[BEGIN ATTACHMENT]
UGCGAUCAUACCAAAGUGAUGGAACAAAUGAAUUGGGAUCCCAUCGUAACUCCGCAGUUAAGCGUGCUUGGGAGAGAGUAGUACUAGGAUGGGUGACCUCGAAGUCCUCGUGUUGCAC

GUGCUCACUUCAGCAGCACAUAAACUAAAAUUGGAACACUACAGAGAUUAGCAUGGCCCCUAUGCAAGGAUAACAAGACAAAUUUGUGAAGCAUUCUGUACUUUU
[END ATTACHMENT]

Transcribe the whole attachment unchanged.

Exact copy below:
UGCGAUCAUACCAAAGUGAUGGAACAAAUGAAUUGGGAUCCCAUCGUAACUCCGCAGUUAAGCGUGCUUGGGAGAGAGUAGUACUAGGAUGGGUGACCUCGAAGUCCUCGUGUUGCAC

GUGCUCACUUCAGCAGCACAUAAACUAAAAUUGGAACACUACAGAGAUUAGCAUGGCCCCUAUGCAAGGAUAACAAGACAAAUUUGUGAAGCAUUCUGUACUUUU